Swatara Pine Ford Chapter
The Swatara Pine Ford Chapter, NSDAR, situated in Middletown, Dauphin County, was established on April 17, 1920. Unfortunately, the chapter dissolved on June 25, 2012. To ensure the preservation of its history, the Harrisburg Chapter decided to document and honor the legacy of their chapter. Most of the chapter records are believed to have been entrusted to the Middletown Historical Society, providing an avenue for further research. The information presented here primarily stems from the digital archives of the NSDAR Magazine.
Middletown, Pennsylvania, founded in 1755 by George Fisher, great-great-grandfather of Swatara Pine Ford Organizing Regent, Mrs. Ira R. Springer, holds the distinction of being the oldest town in Dauphin County. Its Revolutionary activities created fertile ground for the establishment of a society of descendants of the American Revolution.
The organization and growth of the chapter is the realization of the old adage, “Where there’s a will, there’s a way”, for when in February 1920 the present presiding officer was appointed Organizing Regent of the chapter in Middletown and there were but three DAR members in the town. Two of these belonged to a neighboring chapter, and only one was ready to throw in her fortune with the new one about to be formed. Then just two months later, on April 17, 1920, a chapter was organized consisting of nineteen members and the name 'Swatara Pine Ford' was adopted to serve the Middletown community. - Source: Daughters of the American Revolution Magazine, Digital, May 1922, page 303.
The Swatara Pine Ford Chapter engaged in annual activities including Constitution Day luncheons with fellow South Central DAR Chapters, Flag Day events, Junior Member luncheons, national conventions, and more. The chapter also played an instrumental role in recognizing and awarding local school students for their achievements, including top senior history students at Middletown Area High School through the DAR Good Citizen awards. Celebrations of chapter birthdays often took the form of dinner-theater outings. The chapter took pride in placing Memorial Day flags on the graves of Middletown’s Revolutionary War Soldiers and deceased chapter members.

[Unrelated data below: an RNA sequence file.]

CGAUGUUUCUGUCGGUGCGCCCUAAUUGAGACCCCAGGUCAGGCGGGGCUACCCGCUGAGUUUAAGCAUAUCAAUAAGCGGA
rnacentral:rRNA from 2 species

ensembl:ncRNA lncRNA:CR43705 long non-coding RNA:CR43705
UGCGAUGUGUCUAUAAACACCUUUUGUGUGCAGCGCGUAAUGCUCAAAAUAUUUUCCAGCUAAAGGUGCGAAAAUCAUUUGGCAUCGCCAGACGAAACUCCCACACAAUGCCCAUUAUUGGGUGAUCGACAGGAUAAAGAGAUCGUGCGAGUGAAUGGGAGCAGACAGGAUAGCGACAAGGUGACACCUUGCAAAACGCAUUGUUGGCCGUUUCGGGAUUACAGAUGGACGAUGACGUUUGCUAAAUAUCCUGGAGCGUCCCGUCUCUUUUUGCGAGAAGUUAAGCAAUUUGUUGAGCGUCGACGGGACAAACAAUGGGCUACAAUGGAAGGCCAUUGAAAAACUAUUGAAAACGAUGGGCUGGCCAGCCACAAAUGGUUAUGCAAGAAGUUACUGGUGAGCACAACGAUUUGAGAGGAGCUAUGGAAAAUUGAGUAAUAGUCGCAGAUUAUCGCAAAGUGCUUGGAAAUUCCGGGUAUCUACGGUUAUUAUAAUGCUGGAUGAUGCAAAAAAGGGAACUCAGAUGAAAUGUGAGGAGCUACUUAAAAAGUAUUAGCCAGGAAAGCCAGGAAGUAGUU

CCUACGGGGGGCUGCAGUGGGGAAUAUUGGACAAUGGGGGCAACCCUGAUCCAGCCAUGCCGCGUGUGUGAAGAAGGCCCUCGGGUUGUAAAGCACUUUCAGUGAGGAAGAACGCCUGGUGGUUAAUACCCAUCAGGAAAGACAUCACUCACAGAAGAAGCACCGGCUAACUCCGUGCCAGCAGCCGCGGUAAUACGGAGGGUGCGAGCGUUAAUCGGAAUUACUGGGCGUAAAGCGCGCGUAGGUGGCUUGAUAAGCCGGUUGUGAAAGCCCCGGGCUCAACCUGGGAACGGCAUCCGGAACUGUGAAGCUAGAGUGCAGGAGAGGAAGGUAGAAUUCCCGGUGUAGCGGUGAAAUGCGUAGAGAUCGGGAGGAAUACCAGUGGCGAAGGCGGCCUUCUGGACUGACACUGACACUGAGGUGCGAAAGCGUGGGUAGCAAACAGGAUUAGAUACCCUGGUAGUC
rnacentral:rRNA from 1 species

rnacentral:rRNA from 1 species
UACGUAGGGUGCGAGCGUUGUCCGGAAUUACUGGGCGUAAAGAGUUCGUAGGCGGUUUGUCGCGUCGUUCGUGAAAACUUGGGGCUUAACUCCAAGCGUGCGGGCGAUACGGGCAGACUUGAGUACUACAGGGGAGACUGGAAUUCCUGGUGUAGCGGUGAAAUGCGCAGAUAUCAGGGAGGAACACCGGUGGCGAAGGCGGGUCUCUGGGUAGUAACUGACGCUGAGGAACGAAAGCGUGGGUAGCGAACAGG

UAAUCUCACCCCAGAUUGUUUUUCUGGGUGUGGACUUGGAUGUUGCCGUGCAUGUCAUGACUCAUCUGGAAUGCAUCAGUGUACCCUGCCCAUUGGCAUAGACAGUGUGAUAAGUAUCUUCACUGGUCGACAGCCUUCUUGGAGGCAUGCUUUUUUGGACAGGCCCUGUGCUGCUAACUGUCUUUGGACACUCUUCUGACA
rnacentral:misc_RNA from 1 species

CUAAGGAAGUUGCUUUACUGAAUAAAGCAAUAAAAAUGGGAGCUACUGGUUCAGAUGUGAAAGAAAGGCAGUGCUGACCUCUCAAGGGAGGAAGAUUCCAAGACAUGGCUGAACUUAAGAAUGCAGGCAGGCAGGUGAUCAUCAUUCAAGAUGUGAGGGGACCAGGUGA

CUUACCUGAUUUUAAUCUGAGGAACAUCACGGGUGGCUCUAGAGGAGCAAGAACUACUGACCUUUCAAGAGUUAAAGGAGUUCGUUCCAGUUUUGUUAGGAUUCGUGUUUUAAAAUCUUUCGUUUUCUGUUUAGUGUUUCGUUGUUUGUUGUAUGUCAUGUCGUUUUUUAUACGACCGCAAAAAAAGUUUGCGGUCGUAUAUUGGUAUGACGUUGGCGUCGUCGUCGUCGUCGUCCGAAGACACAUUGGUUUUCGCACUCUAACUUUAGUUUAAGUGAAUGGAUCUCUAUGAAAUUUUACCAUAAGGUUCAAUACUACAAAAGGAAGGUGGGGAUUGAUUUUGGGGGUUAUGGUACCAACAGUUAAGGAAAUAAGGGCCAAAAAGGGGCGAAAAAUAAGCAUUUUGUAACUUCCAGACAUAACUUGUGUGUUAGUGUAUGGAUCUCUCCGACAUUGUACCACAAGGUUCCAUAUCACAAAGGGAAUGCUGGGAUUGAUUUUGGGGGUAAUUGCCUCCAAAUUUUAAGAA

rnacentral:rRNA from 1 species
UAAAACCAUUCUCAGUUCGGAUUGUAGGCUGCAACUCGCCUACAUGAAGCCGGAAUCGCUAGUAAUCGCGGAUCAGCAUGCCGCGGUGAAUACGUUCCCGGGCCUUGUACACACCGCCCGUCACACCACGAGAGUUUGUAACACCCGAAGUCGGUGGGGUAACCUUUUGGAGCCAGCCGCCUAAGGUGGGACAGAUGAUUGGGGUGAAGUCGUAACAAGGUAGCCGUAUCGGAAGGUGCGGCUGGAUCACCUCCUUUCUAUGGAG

In 1925, the chapter erected a beautiful monument to mark the location of Old Pine Ford, the ancestral home of George Fisher, founder of Middletown. It is located on Route 230 on the banks of Swatara Creek. Over the years, the monument has become discolored. Unfortunately, the foundation of the monument suffered erosion due to weather and the 1972 flood caused by Hurricane Agnes. During the Chapter’s 60th birthday year in 1982, the chapter emphasized the repair of a monument.
Six years later in 1931, a monument was placed on the grounds of Middletown’s Historic St. Peter’s Kierch (built in 1767). The monument contains the names of 154 Revolutionary solders comprised of Middletown residents and vicinity who fought in the American Revolution. Over the years the monument has become discolored. The chapter had it cleaned in the spring of 1980 for Middletown’s 225th Birthday celebration. Additionally, they planted flowers at the monument honoring Middletown's 154 Revolutionary soldiers, located on the grounds of Middletown’s Historic St. Peter’s Kierch.